Can Malaysians actually sue the person who started the Sivagangga cluster?over 2 years ago Mikaela A
Even though Malaysia has entered the recovery stage of Covid-19, there seems to be another wave of the virus—the Sivagangga cluster. This cluster is believed to have been started by a Kedah man who returned from Sivagangga, a town in India. Instead of undergoing the 14-day home quarantine when returning from overseas, the man was seen operating his restaurant on Hari Raya Aidiladha.
Although he initially tested negative for Covid-19 when he arrived in Malaysia, he later tested positive. Authorities then traced customers who had visited the restaurant to test them as well. Some of his customers did end up testing positive, and these people went on to infect those around them. At the time of writing, the majority of the new cases in Malaysia are said to be from this cluster. This has forced schools in affected areas to shut down and a few localities to be put under an enhanced MCO.
Due to all of this, the Consumers Association of Kedah and a few NGOs have said that they’re planning to sue this man for starting the cluster. We spoke to a lawyer to find out under what he could be sued for, and whether suing is possible in the first place.
Proving that he infected everyone may be difficult
The group has planned to sue him because they feel that a mere fine will not be enough of a punishment for breaking the home quarantine.
“We want to take this man to court for he has caused all Kedahans to suffer.”
-Consumers Association of Kedah's secretary, Mohd Yusrizal Yusoff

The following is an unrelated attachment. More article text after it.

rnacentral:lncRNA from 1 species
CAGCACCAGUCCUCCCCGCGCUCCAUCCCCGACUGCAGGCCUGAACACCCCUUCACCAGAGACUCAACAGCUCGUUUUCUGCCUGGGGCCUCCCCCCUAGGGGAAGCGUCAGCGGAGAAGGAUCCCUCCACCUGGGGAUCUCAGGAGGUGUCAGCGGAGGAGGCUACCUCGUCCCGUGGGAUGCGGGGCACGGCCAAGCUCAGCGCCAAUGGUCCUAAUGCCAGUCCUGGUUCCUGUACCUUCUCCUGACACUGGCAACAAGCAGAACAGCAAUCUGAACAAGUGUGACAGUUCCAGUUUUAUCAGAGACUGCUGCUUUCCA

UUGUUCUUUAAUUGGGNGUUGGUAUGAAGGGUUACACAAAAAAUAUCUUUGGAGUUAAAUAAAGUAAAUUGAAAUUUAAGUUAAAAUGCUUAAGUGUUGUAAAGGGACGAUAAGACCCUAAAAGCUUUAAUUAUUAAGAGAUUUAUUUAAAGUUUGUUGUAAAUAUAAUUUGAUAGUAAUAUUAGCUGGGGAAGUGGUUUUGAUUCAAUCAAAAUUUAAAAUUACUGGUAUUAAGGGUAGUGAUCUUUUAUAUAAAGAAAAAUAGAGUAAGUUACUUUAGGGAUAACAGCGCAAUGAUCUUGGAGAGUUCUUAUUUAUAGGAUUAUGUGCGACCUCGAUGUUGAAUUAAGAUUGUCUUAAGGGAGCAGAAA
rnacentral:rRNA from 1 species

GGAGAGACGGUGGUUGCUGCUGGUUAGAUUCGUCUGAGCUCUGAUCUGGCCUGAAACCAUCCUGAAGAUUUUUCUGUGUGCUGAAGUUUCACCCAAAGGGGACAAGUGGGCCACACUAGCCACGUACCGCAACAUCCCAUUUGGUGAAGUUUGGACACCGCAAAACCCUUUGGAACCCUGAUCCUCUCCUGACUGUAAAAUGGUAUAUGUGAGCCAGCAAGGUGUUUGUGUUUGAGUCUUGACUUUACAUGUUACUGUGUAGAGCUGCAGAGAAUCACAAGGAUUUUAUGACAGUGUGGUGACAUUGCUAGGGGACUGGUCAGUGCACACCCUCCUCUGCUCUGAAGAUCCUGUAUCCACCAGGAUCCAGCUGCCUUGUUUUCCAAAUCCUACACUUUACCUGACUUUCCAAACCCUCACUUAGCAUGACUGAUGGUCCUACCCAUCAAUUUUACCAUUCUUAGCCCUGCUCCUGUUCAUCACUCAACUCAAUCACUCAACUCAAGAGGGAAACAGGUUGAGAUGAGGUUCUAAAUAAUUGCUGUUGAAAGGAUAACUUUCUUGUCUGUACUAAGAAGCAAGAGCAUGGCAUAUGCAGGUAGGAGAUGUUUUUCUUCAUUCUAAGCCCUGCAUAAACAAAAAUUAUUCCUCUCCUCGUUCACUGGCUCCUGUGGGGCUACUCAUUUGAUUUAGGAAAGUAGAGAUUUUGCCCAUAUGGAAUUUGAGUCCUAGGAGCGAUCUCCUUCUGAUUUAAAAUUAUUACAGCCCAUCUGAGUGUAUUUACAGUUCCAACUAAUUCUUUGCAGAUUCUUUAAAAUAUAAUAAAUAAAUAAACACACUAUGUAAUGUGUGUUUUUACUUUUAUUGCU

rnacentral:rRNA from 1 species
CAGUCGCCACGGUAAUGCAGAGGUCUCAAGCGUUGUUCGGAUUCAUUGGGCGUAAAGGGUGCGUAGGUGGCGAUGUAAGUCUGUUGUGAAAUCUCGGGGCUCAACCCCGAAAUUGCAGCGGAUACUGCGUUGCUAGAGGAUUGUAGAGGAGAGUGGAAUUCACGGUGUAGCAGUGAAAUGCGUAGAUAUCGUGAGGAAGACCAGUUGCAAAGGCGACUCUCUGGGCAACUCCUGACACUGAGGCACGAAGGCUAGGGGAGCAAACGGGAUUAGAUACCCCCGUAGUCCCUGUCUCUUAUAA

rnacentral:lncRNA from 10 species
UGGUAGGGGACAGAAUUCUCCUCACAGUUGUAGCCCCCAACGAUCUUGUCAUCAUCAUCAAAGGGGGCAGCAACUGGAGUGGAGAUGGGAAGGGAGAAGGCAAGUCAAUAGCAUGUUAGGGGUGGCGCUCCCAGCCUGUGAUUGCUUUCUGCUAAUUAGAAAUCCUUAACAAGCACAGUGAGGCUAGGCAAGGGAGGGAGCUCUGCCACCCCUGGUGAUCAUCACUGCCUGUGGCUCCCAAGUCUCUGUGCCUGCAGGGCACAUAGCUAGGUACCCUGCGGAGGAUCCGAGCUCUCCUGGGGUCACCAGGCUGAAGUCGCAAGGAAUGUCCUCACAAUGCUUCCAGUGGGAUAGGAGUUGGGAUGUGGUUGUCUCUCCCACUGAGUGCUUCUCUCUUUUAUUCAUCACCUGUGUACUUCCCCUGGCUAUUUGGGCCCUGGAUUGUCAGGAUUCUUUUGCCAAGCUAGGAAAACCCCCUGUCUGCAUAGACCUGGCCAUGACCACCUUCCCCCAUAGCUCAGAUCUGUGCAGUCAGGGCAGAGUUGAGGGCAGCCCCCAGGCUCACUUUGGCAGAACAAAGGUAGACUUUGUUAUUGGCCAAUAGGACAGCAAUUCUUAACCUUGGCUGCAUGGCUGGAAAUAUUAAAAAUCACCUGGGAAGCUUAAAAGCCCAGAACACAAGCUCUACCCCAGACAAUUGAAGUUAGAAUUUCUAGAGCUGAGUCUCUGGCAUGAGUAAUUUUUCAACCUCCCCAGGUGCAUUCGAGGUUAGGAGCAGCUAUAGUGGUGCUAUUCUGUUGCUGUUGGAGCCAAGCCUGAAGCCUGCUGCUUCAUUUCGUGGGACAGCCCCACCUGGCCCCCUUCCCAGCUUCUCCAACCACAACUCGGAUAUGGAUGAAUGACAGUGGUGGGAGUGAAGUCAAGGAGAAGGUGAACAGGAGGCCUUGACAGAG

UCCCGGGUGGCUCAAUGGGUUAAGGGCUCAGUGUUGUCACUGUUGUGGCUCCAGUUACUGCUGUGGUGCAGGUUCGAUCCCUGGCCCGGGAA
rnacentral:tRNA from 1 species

According to the lawyer that we spoke to, while this may sound pretty straightforward, in reality, it is not.
We know that the man did indeed break the home quarantine. However, proving that it was really him who infected those around him that day may be difficult. The lawyer went on to say:
“The Covid virus doesn’t leave footprints or fingerprints. Therefore they have to ask the court to rely on speculative evidence, that based on all the facts of the case it is highly probable that their infection was caused by him.”
So, while it is VERY LIKELY that he did cause these new cases that we’re seeing, it’s still possible that some of those cases may have also been caused by others who could already have been infected at that point. It’s also worth noting that Covid-19 is also airborne to a certain extent. Until and unless the virus strain in every person is tested, and the strain is proven to come from him, we can’t really say that he caused these infections.
Even if it’s proven, suing may be difficult
For now, we don’t know what civil wrong this group plans to sue him for. But as an example, let’s take a look at negligence, which is what you sue someone for if they have been careless and caused you harm. If the group is indeed planning to sue the man for negligence, they’ll have to prove that:
- he had a duty of care towards the public (a duty of care is a duty to keep someone away from harm)
- he breached that duty
- because he breached it, the other person suffered some damage